Ira does not burn his steak. Instead he eats blissfully, fat melting in his mouth like an ice cube on a summer pavement.

Ira is not allergic to walnuts, and so his face does not bloat and balloon, does not morph and maroon, does not go into anaphylactic shock, does not spend hours in the emergency room of Tampa General, and so he does not meet his Florence Nightingale who wears her hair in a beehive and talks in fairy dust.

Ira finds all the secret levels of Super Mario Bros. and finally is able to kick Kuppa King’s ass.

Ira rescues five hundred dogs. Every morning he feeds and loves them, calls them by name and sings “Who Let the Dogs Out” without a hint of irony. At night they curl into little balls against his arms, and he can feel their breathing, the rise and fall of their chests against him. In this life his heart is infinite. In this life nothing perishes.

Ira leaps out of a plane, but his parachute does not open. He plummets through an apple tree, (his childhood apple tree) through a roof (his suburban bi-level roof), into a bed (his bed his father built). Unscathed, he decides right then and there he wants to write nonfiction.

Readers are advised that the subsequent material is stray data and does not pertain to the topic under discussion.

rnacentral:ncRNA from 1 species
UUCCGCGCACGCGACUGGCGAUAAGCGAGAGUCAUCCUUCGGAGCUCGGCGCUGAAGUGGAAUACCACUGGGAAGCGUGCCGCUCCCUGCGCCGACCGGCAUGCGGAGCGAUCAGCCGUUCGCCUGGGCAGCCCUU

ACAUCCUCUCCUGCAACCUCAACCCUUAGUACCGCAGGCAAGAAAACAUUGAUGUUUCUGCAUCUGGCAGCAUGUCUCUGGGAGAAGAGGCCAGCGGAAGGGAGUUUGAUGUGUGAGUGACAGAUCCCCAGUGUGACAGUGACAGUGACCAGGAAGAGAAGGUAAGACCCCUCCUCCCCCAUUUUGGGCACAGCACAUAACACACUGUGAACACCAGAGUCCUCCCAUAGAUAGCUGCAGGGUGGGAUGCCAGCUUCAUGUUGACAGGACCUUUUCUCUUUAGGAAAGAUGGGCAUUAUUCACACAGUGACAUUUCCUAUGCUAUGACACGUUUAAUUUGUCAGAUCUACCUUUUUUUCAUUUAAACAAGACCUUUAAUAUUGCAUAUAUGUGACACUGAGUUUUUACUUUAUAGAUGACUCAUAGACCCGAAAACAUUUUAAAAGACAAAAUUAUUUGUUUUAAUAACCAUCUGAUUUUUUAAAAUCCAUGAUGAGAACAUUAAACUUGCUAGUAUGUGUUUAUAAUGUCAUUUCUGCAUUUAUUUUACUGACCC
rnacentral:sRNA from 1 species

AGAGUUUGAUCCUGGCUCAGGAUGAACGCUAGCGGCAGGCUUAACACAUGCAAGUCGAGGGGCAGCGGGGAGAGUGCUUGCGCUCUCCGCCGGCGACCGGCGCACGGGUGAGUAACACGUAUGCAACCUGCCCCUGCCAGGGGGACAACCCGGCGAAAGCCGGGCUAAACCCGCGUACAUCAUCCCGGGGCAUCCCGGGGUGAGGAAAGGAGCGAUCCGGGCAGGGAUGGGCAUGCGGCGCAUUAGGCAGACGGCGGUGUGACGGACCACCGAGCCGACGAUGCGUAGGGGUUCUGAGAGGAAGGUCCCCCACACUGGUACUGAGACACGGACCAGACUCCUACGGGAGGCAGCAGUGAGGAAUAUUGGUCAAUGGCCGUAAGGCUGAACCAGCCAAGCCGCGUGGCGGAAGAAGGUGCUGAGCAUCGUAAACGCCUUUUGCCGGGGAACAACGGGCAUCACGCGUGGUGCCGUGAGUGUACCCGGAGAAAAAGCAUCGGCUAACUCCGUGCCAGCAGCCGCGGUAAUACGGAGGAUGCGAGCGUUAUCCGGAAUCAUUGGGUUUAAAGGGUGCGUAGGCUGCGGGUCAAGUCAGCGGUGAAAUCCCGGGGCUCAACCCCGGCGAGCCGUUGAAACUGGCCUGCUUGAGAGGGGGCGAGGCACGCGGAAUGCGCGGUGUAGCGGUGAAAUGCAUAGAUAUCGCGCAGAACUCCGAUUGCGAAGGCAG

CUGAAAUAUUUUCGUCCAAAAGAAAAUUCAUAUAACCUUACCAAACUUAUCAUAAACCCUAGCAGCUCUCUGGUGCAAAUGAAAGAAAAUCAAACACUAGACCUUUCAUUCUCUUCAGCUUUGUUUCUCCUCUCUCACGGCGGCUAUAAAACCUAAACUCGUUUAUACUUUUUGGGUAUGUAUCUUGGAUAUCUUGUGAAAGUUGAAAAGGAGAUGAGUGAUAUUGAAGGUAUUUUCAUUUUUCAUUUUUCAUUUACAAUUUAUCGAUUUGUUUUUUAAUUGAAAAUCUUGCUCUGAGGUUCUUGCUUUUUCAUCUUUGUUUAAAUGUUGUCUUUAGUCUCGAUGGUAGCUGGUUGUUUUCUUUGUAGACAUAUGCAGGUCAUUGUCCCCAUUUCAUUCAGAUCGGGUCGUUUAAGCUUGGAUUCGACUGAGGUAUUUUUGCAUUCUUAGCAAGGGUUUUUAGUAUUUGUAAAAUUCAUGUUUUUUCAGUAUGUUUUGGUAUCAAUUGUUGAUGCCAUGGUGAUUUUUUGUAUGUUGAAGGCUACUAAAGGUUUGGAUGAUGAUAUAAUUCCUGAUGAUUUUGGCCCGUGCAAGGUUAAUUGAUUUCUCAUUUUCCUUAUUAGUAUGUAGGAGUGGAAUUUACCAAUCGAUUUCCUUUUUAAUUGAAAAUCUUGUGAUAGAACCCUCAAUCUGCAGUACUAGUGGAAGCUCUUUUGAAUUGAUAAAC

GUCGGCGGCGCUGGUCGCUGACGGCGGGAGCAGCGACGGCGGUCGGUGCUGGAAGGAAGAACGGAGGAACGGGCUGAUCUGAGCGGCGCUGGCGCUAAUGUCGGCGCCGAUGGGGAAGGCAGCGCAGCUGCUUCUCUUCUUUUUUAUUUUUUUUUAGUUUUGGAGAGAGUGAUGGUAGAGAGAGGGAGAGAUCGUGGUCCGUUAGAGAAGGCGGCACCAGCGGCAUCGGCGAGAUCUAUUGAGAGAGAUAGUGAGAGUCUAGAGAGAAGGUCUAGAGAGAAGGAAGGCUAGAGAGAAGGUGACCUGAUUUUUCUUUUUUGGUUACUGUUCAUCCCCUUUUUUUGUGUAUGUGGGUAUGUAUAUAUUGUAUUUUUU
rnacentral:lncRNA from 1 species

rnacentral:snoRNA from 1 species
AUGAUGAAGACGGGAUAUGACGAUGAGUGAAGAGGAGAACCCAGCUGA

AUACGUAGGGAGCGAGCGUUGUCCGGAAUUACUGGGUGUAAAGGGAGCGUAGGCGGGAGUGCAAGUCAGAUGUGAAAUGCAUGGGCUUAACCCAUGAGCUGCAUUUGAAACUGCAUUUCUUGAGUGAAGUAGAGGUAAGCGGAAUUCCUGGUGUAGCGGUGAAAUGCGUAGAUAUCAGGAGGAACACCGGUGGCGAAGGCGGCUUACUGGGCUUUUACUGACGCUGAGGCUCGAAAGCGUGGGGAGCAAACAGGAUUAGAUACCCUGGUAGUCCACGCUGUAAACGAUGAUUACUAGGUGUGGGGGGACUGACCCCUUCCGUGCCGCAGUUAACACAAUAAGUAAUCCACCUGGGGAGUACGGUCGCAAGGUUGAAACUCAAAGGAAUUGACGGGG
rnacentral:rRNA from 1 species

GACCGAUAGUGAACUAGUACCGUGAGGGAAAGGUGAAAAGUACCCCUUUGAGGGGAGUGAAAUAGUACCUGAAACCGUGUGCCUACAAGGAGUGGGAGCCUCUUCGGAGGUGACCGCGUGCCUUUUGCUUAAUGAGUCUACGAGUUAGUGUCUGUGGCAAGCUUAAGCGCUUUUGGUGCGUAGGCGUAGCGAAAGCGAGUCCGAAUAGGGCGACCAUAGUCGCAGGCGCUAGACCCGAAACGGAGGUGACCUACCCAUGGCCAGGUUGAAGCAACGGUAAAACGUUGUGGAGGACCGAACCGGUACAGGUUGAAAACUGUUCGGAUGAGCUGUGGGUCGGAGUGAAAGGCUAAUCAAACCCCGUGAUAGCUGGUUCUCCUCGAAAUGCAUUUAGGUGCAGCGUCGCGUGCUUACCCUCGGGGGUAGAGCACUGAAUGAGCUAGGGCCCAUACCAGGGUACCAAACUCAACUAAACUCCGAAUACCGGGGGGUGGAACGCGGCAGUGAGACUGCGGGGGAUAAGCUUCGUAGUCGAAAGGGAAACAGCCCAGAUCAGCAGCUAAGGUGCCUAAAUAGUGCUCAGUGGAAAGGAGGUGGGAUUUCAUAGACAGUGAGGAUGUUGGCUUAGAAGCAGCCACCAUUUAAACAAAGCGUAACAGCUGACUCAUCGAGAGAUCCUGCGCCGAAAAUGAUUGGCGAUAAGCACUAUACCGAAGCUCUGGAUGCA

Ira is Jewish and not Thai, and he cannot tolerate an ounce of spice, and during his Bar Mitzvah he gorges himself on cabbage rolls, his mouth messy red, his hunger ravenous—always ravenous—and the next morning he finds himself a man, a bloated man.

Ira is a super detective, like Sherlock Holmes, but not a prick like Sherlock Holmes. He works The Case of the Missing Books, tracking down for years all his students he lent books to and never returned. He has a sidekick named Ira, who like Sherlock’s Watson, is much more likable, but his only purpose is to continually say, “Ira you are the smartest. Ira you are the smartest.”